Friday, November 20, 2009

Harlequin Self Publishing Line??

Disclaimer: I'm copying a lot of this from my other blog b/c I don't have much time online today but I thought this was important enough to post in more than one place.


Apparently Harlequin has decided to open what they call a self-publishing line (Harlequin Horizons), though it really sounds like a vanity press. Check out Dear Author, here, here, and here for a wonderfully detailed description of the unfolding drama. I love her blog b/c I can always count on her to stay up to date on happenings in romancelandia and she's usually fairly impartial.


My big problem is that Harlequin Horizons is not separating the Harlequin brand from the self-publishing brand. They say they are, but including an HH logo on the spine is annoyingly similar to something like Harlequin Historicals. And don't get me started on the covers, which can also be seen at the Horizons website b/c they look like a lot of Harlequin covers. For typical readers, it's unlikely that they'd be able to tell the difference between a regular Harlequin book and a self-pubbed one. Talk about brand dilution. That's just bad, bad, bad. If I was a Harlequin author, I'd be pissed. (and a lot of them are!)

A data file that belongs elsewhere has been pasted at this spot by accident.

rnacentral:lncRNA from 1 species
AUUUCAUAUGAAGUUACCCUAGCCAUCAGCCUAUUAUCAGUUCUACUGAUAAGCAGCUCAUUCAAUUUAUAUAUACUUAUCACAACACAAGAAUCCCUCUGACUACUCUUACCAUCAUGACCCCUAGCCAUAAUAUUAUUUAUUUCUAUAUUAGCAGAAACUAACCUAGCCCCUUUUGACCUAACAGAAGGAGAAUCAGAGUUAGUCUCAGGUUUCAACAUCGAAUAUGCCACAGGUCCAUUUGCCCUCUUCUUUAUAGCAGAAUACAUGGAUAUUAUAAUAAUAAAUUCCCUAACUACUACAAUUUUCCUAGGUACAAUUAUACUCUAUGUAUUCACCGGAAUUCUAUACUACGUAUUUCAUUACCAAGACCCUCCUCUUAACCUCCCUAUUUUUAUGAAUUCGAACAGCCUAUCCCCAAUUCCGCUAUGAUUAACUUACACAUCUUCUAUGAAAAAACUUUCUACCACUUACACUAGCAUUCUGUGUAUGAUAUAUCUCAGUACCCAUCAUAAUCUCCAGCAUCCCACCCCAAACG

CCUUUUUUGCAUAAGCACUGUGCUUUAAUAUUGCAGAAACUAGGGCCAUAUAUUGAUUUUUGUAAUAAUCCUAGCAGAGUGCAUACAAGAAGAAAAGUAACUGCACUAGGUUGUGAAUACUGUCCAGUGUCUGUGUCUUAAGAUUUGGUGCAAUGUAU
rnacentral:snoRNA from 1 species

RWA sent out a notice to all its members yesterday stating that Harlequin was no longer meets the requirements as being a non-subsidy/non-vanity press. Not gonna lie, this quick response surprised me, but it also makes me proud to be a member of RWA. Quote from the alert: With the launch of Harlequin Horizons, Harlequin Enterprises no longer meets the requirements to be eligible for RWA-provided conference resources. This does not mean that Harlequin Enterprises cannot attend the conference. Like all non-eligible publishers, they are welcome to attend. However, as a non-eligible publisher, they would fund their own conference fees and they would not be provided with conference resources by RWA to publicize or promote the company or its imprints.


Apparently, Harlequin moved fast with a response, which I pulled in its entirety from Literary Agent Kristen Nelson's blog, Pub Rants. It sounds like Harlequin will be changing the name of Harlequin Horizons to something undecided at this time, but it will not be linked to Harlequin in the future. I'm glad they've made a move toward changing this (other NY publishers have self-publishing companies, they're just not linked in name), but I don't think it should have ever happened in the first place. The whole debacle just feels sleazy.

Here's the response letter:
Harlequin was very surprised and dismayed to receive notice late yesterday that the RWA has decided that Harlequin is no longer eligible for RWA-provided conference resources. We were even more surprised to discover that the RWA sent a notice to its membership announcing this decision, before allowing Harlequin to respond or engage in a discussion about it with the RWA board.

Harlequin has been a significant supporter of the RWA for many years in several ways, including: